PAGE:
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B IF north pole becomes the south pole...

  1. Apr 16, 2016 #1
    what would happen if north pole of earth becomes south pole and south becomes north ?
    What would be the chenges on earths climate or any other changes ??
     
    Last edited: Apr 16, 2016
  2. jcsd
  3. Apr 16, 2016 #2

    PeroK

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    I thought the north pole already was the south pole!
     
  4. Apr 16, 2016 #3
    i edited it
    sorry
     
  5. Apr 16, 2016 #4
    It would make no difference, as far as I know. There is a period in between in which the magnetic field is reduced, which would allow more radiation to come to earth. But this has happened before many times without mass extinctions or anything like that. I think there would be some effect on climate, but I don't know what.
     
  6. Apr 16, 2016 #5
    Could you describe in detail what you mean? As the poles are defined by the rotational axis the north pole cannot become the south pole. Thus I guess you mean something different.
     
  7. Apr 16, 2016 #6
    lets just imagine for a moment .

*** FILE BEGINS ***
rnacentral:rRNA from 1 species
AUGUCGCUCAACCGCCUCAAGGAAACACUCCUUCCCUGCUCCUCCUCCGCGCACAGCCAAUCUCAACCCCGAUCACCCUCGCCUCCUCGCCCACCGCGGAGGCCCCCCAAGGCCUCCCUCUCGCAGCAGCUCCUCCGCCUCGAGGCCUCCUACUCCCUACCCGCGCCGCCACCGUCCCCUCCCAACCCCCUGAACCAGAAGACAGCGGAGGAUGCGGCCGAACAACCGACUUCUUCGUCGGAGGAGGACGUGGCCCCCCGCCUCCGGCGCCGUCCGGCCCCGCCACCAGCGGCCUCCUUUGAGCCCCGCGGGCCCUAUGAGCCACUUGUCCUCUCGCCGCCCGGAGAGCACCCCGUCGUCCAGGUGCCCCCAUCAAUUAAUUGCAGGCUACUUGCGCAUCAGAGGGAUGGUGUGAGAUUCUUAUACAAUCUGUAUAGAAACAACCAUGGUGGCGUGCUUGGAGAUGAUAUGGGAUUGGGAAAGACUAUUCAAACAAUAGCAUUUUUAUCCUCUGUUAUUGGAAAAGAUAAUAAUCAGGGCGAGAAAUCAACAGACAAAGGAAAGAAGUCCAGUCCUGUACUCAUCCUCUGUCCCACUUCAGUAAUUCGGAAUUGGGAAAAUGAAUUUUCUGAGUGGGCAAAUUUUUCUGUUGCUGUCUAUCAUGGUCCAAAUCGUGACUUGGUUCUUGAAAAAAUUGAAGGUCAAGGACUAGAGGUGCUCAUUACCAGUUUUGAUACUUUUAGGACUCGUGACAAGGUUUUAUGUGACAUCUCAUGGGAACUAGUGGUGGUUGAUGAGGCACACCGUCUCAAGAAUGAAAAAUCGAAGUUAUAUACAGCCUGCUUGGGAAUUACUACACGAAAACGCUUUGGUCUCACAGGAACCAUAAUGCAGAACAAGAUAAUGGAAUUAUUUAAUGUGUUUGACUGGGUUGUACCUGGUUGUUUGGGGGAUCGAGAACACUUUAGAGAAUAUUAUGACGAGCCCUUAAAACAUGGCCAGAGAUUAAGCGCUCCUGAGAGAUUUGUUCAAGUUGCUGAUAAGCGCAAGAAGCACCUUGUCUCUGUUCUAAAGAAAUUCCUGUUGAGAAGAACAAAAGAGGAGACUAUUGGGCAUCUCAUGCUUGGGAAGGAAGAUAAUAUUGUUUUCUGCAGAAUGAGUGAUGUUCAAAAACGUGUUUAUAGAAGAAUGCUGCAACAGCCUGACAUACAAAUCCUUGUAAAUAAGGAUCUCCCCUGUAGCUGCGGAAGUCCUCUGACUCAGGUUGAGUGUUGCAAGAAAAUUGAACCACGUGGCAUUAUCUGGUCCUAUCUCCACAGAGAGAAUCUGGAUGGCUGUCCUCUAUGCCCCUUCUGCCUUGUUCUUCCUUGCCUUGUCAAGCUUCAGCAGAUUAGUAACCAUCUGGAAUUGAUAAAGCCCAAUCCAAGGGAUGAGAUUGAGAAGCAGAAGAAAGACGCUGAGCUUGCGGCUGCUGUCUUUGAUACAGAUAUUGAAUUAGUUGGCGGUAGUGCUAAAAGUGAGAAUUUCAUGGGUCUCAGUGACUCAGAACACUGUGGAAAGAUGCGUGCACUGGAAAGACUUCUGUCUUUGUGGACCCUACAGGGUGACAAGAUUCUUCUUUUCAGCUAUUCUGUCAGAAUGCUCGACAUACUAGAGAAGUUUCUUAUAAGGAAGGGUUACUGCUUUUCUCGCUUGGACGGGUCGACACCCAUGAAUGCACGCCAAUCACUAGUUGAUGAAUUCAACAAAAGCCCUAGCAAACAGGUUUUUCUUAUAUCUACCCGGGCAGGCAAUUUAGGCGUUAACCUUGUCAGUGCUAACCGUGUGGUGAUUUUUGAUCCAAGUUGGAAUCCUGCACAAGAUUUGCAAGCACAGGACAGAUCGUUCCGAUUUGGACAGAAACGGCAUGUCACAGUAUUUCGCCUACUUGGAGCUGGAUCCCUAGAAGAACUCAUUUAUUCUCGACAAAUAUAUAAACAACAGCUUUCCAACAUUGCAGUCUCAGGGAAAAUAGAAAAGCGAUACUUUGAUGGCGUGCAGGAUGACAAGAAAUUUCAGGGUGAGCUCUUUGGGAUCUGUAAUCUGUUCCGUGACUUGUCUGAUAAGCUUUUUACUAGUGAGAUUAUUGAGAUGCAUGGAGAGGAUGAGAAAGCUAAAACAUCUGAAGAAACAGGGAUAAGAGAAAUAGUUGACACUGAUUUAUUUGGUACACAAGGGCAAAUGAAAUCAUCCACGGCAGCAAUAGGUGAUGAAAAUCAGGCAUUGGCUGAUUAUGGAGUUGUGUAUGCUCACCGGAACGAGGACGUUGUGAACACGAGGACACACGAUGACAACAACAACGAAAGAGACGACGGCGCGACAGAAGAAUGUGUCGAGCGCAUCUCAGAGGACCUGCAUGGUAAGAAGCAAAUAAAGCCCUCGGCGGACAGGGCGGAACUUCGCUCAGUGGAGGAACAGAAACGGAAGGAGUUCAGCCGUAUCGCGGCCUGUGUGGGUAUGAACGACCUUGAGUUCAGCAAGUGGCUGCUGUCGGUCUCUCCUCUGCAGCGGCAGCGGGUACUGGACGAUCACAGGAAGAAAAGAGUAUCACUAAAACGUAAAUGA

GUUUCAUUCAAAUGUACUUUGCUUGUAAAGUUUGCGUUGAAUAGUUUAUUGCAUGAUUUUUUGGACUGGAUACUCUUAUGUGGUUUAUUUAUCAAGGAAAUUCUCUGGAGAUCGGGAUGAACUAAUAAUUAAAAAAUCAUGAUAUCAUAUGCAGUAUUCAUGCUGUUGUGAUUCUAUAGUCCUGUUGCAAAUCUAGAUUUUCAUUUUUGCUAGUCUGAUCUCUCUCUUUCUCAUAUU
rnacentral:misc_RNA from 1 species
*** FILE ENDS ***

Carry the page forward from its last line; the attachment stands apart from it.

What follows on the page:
8. Apr 16, 2016 #7
    What?
     
  9. Apr 16, 2016 #8

    DrGreg

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    I guess we are being asked, what if the Magnetic North Pole moved from near the True North Pole to near the True South Pole?
     
  10. Apr 16, 2016 #9

    sophiecentaur

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    Aren't we being asked about when N and S flip and change places? This has happened already as described by Hornbein. There are strips of NSNSNSNS iron molecules to be found on the sea bead in one or more of the trenches. Don't ask me for a reference but it's well enough known to be in GCSE text books, as I remember.
     
  11. Apr 16, 2016 #10
    That's one possibility. Another interpretations would be flipping Earth's rotational axis relative to the ecliptic or flipping Earth relative to it's rotational axis.
     
  12. Apr 16, 2016 #11

    Vanadium 50

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    Since the OP refuses to ask when answered, guessing what he means is probably going to be fruitless.